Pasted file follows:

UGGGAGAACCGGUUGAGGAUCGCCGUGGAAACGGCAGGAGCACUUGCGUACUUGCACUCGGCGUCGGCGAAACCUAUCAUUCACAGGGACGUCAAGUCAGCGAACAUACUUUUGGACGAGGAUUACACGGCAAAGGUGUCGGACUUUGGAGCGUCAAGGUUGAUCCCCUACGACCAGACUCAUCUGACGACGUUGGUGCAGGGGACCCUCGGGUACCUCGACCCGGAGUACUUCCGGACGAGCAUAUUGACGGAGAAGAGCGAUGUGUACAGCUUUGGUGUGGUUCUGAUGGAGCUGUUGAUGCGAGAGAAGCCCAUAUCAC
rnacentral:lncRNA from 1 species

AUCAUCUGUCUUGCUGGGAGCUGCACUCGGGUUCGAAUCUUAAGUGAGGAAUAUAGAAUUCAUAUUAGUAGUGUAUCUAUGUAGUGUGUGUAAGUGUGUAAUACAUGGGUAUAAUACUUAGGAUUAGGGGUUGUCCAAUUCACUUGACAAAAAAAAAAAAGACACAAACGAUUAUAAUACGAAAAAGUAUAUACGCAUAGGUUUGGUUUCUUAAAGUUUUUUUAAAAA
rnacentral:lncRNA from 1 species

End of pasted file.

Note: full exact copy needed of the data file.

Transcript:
UGGGAGAACCGGUUGAGGAUCGCCGUGGAAACGGCAGGAGCACUUGCGUACUUGCACUCGGCGUCGGCGAAACCUAUCAUUCACAGGGACGUCAAGUCAGCGAACAUACUUUUGGACGAGGAUUACACGGCAAAGGUGUCGGACUUUGGAGCGUCAAGGUUGAUCCCCUACGACCAGACUCAUCUGACGACGUUGGUGCAGGGGACCCUCGGGUACCUCGACCCGGAGUACUUCCGGACGAGCAUAUUGACGGAGAAGAGCGAUGUGUACAGCUUUGGUGUGGUUCUGAUGGAGCUGUUGAUGCGAGAGAAGCCCAUAUCAC
rnacentral:lncRNA from 1 species

AUCAUCUGUCUUGCUGGGAGCUGCACUCGGGUUCGAAUCUUAAGUGAGGAAUAUAGAAUUCAUAUUAGUAGUGUAUCUAUGUAGUGUGUGUAAGUGUGUAAUACAUGGGUAUAAUACUUAGGAUUAGGGGUUGUCCAAUUCACUUGACAAAAAAAAAAAAGACACAAACGAUUAUAAUACGAAAAAGUAUAUACGCAUAGGUUUGGUUUCUUAAAGUUUUUUUAAAAA
rnacentral:lncRNA from 1 species